Now, I mentioned that in the United States we’re coming up on the 4th of July, it’s the day that we celebrate independence and freedom. And so, I’m just going to reiterate a couple of thoughts here of things that we can do this week as it relates to freedom. I want to remind us again, that freedom isn’t free. So, during this Independence Day, even if you’re not in the United States, same concept; someone has earned your freedom. So, remember those who gave their lives so that you could have that freedom. Again, it doesn’t matter what your country is. If you’re free, it’s because others at some point have given their life to buy that freedom. I mean, I have several friends from the United States’ perspective who I flew with, who I spent years with, who are no longer with us. Klepto, Trojan, Bruiser, and actually many others, unfortunately. These were close friends, they had family, and man, it’s just…freedom isn’t free, it’s something that is bought with blood.
I love what Ronald Reagan said, “Freedom is never more than one generation away from extinction. We didn’t pass it to our children in the bloodstream. It must be fought for, protected, and handed on for them to do the same or one day we will spend our sunset years telling our children and our children’s children what it was once like in the United States where men were free.” So, I want us to think about that. Freedom is never more than one generation away from extinction. And I have seen firsthand this movement that’s afoot throughout the world, to take away these freedoms and it doesn’t work. We don’t realize what that’s like to not have those and they can be lost. And so, this 4th of July, what I’m inviting us all to do, is to teach the people around us, your children, your friends, whoever you may have over at a party – but particularly at least your family – teach those people around you what it means to be free and why we have our freedom. And be grateful for it, appreciate it, realize that because we have it today, it doesn’t mean that we’ll have it tomorrow. And the only thing required for evil to win is for good men to do nothing. And so yeah, you could take that a step further, which means getting involved in our communities, and voting, and having a voice, and expressing that freedom in a way that is lawful and doesn’t hurt or harm others. I mean, that’s part of having freedom is not to infringe on other people’s physical or emotional well-being.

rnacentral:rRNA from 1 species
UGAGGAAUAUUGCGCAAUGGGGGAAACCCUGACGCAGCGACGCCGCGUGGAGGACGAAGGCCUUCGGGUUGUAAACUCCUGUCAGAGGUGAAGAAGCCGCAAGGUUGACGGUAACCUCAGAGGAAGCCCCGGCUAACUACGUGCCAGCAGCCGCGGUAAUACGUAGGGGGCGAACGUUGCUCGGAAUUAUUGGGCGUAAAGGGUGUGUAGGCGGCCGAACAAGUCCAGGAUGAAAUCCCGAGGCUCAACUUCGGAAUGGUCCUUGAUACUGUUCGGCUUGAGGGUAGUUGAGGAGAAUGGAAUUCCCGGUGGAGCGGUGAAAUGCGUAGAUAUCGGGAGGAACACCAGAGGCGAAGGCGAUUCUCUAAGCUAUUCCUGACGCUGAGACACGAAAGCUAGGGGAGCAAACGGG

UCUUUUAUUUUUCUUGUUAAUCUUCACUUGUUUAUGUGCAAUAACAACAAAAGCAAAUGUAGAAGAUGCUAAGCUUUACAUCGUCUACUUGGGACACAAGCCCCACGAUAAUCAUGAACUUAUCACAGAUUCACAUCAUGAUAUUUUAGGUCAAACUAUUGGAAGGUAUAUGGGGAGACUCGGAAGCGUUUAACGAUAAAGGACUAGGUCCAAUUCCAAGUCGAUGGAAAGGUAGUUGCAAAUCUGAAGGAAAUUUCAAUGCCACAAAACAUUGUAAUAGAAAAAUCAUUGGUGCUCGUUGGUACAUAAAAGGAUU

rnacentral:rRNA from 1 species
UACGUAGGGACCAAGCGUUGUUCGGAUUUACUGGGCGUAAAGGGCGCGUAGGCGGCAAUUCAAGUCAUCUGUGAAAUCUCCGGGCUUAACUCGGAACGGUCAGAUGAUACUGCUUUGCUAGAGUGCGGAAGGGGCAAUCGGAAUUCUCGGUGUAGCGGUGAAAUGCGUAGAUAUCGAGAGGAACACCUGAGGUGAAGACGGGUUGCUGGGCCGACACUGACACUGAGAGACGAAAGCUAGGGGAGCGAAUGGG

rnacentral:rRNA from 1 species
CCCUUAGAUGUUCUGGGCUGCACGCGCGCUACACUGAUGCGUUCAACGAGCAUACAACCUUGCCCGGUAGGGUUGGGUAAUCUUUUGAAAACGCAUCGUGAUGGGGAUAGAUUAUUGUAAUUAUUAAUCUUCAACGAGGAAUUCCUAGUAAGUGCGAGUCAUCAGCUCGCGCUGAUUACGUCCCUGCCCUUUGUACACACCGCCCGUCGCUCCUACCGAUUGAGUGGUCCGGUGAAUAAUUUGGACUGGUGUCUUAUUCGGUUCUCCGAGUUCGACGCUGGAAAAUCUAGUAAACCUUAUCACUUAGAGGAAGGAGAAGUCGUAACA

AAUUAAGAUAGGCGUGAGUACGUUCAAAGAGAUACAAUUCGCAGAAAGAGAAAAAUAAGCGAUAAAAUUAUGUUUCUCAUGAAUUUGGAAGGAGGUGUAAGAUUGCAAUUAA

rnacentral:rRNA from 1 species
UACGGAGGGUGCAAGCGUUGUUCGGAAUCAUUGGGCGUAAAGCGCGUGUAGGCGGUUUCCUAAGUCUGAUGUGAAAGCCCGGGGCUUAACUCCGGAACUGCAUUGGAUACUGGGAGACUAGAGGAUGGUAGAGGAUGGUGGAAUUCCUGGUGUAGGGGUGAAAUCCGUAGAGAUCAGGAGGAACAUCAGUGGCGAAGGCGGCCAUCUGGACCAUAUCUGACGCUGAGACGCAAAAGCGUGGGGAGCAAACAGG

For those of us in the United States, I want to go back, just for the last couple of minutes here – I told you this would be short – and I want to review just a little bit of our history here in the United States. And for those outside the United States and other countries, I want you to think about your respective country in the context of what I’m about to share. Because certainly, you have similarities, there’s a lot of overlap in history of how you came to be free, if you will, in your country.
So, I want you to first take our flag. I mean, the flag is very symbolic and I’m just going to do a brief review of what it symbolizes, so that as people are putting flags up on their poles and on their houses, as we see them flying on this Independence Day, we’ll remember what these things actually stand for. The stripes represent the original 13 colonies in the United States. The stars – 50 of them – represent the states of the Union. Now the color of the flag is also symbolic; so red symbolizes hardiness and valor. Think about that. How did we get our freedom? Hardiness, valor, people that stood up for what they knew was right, their freedoms. They signed a document that basically was their death sentence had we not liberated and won that battle with Great Britain at the time. So, hardiness and valor. It takes valor to maintain freedom. The white symbolizes purity and innocence. The blue represents vigilance, perseverance, and justice. And I love those words – vigilance and perseverance. If we’re not vigilant about what’s happening around us, then we’re at risk of losing it. We’ve got to stand up for these principles that we know are right, we’ve got to stand up for freedom and be a voice against those who would oppose freedom and that doesn’t happen by accident. That is a conscious effort on our part to do that.